“This Supreme Court is futile, ineffective and useless, it is a graveyard of accountability,” Kataeb leader MP Sami Gemayel criticized Mr. Berry. The Speaker replied: “You can change the constitution.” And he replied, “That’s what we’ll ask.” His party’s representatives, as well as those of the Lebanese Forces led by Samir Geagea, abstained from voting during the election of the court’s members.
On the economic front, the House of Representatives approved a $150 million loan from the World Bank to finance the import of wheat, while the country suffers from an acute shortage of flour and bread. This loan should extend over a period of “seven to nine months”, according to details provided by outgoing Minister of Economy and Trade Amine Salam to L’Orient-Le Jour, and enable “the financing of the country’s supply of wheat”. and help maintain affordable bread prices for poor and vulnerable families,” a World Bank spokesperson told Laurent Today in May.
And this loan was not approved without some deputies, including Ibrahim Kanaan, which raised several questions, especially those related to knowing whether the General Directorate of Grains and Sugar Beet was competent to open a credit line for importing wheat. According to Mr. Kanaan, this is the responsibility of the Ministry of Finance. Other elected officials emphasized that the World Bank loan would benefit “foreigners,” referring to refugees, particularly Syrians in Lebanon.
The Prime Minister-designate added, “Most of the bread produced benefits non-Lebanese, and everyone knows that,” without providing any evidence for his allegations.
Food security concerns, already high due to the crisis in the country, have been exacerbated since the start of the conflict between Ukraine and Russia on February 24, both major grain exporters in Lebanon and the region, have halted these exports. But the Ukrainian ambassador to Lebanon, Ihor Otaş, informed, on Monday, the outgoing Minister of Foreign Affairs, Abdullah Bou Habib, that his country will resume wheat shipments to Lebanon “as of this week”, after signing an agreement with Russia. last Friday.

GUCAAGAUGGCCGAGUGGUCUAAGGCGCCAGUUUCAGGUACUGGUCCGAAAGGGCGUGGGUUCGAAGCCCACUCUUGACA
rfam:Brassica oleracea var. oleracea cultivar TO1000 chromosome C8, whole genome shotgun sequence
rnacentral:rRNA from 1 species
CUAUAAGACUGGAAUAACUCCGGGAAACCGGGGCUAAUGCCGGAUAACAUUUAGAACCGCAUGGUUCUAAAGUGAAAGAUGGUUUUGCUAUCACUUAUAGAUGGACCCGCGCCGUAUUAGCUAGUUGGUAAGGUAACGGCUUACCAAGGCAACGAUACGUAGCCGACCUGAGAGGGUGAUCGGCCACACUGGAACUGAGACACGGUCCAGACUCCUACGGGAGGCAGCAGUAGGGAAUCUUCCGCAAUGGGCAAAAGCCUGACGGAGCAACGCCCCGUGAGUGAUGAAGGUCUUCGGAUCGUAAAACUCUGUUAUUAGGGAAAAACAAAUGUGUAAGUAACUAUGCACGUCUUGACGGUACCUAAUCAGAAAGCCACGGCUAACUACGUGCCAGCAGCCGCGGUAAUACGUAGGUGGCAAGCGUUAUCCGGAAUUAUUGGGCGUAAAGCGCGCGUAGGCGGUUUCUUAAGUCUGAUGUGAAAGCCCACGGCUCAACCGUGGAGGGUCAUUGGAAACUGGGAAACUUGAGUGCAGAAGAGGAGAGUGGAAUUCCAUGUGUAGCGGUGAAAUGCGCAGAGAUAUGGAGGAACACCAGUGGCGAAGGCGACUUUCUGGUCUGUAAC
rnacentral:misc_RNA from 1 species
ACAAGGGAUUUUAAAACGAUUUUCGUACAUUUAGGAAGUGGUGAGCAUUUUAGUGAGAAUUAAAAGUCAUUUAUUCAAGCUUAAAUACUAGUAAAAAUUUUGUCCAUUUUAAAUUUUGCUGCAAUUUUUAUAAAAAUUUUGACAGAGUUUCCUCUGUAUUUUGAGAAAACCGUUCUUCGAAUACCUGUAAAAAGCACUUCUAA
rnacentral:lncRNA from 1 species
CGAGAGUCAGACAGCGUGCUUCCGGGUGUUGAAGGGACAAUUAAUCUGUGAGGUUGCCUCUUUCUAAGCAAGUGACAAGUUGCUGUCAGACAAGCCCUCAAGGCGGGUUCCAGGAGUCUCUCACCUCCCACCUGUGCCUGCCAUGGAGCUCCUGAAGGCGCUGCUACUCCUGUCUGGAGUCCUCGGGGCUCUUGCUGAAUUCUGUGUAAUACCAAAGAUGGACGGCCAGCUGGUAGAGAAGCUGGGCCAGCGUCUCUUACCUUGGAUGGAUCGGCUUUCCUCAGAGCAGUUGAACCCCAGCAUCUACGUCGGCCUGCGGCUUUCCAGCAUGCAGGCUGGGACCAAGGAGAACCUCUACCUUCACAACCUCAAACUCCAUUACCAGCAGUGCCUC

In this context, the head of the “Free Patriotic Movement” MP Gebran Bassil called on the parliament to adopt a recommendation to end subsidies on wheat. The Speaker of the House of Representatives replied, “The decision to end the support is up to the government, not Parliament to do so.” Prime Minister-designate Najib Mikati responded, “We take into account the will of Parliament. If you want to lift subsidies, make a recommendation to that effect.”
Since the beginning of the crisis in Lebanon, the Banque du Liban has supported wheat through a mechanism that allows the sector to import this essential commodity thanks to foreign currency financing at the official rate (1,507.5 pounds to the dollar), 100% since then. Spring 2021 and not at the parallel market price (about 29,500 pounds in recent days). A mechanism the sector fears will be lifted once the World Bank loan is implemented. The outgoing Minister of Economy, Amine Salam, has regularly assured in recent weeks to L’Orient-Le Jour that even if the World Bank loan comes into effect, this lifting can only take place “gradually”.
Our correspondent indicates that the representatives have also adopted Bill No. 8952 that allows opening an additional appropriation of 10 thousand billion Lebanese pounds in the draft budget 2022. According to a press release from the outgoing Minister of Finance, Youssef Khalil, this amount includes transportation costs for soldiers and civil servants , medical costs and the costs of the Lebanese University, through the Ministry of Education. The 2022 budget was voted on by the Mikati government last February and sent to the Finance Committee just a month later. The Commission has been asking since April for clarification on the EGP 10 trillion credit line and the exchange rates. Be that as it may, the adoption of the budget by Parliament will take place outside the constitutional deadlines, as this provision constitutes one of the requirements for granting a loan of $3 billion over four years from the International Monetary Fund.
Parliament approved, among other things, a bill on cooperation with Cyprus to fight fires, and many fires destroy large green spaces in Lebanon every year.
The Prime Minister-designate also confirmed during the session that his team is “following closely” the issue of helping civil servants who have been on strike for more than a month “in order to provide them with solutions as much as possible.” . It is expected that this file will be resolved on Wednesday. “We are doing our best, but we do not have the means to do so,” he admitted.
The Parliament meeting was postponed around 3:30 pm but is scheduled to resume in the next few hours.
The first plenary session of the House of Representatives was elected for legislative elections on May 15. The session opened on Tuesday at 11 am in the Clubs Square in downtown Beirut, and was characterized by bitter exchanges between MPs from various parties, which did not prevent the MPs from adopting a law arranging banking secrecy, allowing them to lift this secrecy, which is in force. Where…